Updated 3rd December 2020.
Now that the bowling has finished, Avon Sports Ground Maintenance have started the Autumn/Winter greens maintenance work. This follows an agreed schedule of work designed to ensure that the greens are in top condition next season.
The first step was scarification followed by top dressing, particularly in the mat areas that get the most wear. Scarification was done in two stages – a light scarification which just touched the surface, followed by a deeper, heavier scarification.
The next step was slitting on both greens. This uses a slit tine arrangement that cuts deeper into the green, opening it up and getting air into the root area. You can judge the depth of slitting by looking at the polished area of the tines in the photo. This is something that is only carried out over winter, as doing it in summer runs the risk of the slits opening up into major cracks during dry spells.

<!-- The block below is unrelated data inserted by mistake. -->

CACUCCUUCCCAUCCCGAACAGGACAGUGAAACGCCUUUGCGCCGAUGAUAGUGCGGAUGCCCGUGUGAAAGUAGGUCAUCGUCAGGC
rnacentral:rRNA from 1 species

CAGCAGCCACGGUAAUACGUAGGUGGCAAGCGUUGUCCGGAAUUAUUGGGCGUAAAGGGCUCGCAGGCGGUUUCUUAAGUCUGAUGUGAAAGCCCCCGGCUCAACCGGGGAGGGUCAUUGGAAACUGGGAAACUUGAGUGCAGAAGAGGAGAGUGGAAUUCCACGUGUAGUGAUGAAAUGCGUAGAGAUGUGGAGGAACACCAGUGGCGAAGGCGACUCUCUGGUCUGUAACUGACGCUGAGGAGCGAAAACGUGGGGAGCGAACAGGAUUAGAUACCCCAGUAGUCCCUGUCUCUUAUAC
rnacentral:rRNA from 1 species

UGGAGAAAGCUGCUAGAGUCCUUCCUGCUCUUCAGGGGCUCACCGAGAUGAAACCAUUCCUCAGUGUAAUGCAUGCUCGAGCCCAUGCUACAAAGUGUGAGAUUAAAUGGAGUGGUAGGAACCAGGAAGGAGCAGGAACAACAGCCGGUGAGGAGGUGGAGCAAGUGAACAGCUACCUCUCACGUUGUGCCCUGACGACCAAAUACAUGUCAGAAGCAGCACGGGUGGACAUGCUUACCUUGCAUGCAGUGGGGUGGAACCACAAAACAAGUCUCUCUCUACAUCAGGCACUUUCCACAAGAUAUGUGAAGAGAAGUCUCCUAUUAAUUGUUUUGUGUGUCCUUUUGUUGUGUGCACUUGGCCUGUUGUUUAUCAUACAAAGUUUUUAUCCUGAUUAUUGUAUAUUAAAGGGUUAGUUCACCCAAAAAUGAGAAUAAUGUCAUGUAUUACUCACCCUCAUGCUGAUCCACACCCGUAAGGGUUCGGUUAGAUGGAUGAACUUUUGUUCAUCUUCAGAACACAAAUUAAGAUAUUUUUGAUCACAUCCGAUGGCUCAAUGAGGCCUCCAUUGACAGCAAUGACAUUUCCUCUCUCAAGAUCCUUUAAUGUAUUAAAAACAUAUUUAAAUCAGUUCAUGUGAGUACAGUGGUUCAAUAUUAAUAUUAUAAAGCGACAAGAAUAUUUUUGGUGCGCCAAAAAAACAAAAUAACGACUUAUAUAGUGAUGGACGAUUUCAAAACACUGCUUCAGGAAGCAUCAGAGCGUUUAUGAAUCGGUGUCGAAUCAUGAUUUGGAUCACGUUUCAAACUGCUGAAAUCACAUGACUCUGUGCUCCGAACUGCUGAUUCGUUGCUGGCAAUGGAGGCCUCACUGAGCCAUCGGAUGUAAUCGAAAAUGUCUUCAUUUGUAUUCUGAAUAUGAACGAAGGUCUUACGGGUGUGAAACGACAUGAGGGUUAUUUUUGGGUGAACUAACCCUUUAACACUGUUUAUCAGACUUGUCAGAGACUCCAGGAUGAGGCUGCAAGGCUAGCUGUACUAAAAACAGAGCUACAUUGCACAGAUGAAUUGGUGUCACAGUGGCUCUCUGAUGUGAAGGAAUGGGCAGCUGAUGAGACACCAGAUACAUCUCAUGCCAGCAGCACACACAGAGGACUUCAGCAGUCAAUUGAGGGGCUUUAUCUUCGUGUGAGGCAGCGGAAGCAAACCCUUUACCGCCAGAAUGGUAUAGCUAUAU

Have the Martians landed?
No, this is Dave from Avon Sports Ground Maintenance modelling the latest in P.P.E.!
Last week the greens were sprayed with an insecticide, to get rid of the leather-jackets. We were the first club in the area to benefit from the new treatment as the previous one was banned last year by the E.U.
This week saw the greens being sprayed with a fungicide to deal with fusarium (or if you want to be technical, Michrodochium nivale). It’s a fungal growth which is quite common in bowling and golf greens. This treatment, and the insecticide spray, is not something we could do ourselves as the products are restricted and can only be used by those who hold the relevant certificate, and the appropriate protective equipment.
Also today, both greens were deep tined using the impressive equipment you see below.
Just as you would use a garden fork to “spike” your lawn, so the deep tining equipment does the same on our greens. But where you might spike to a depth of about 3″ – 4″, this equipment does it to about 10″, and a lot quicker.
3rd December 2020
Today saw both greens “spiked”. The purpose of this is to continue the aeration of the surface, to encourage the natural elimination of thatch. The machine used is a Groundsman, which can be fitted with a number of attachments. The one today carried tines which penetrated a few inches into the surface of the green.
It wasn’t the best weather for it – cold and wet, but greens maintenance can’t stop for the weather.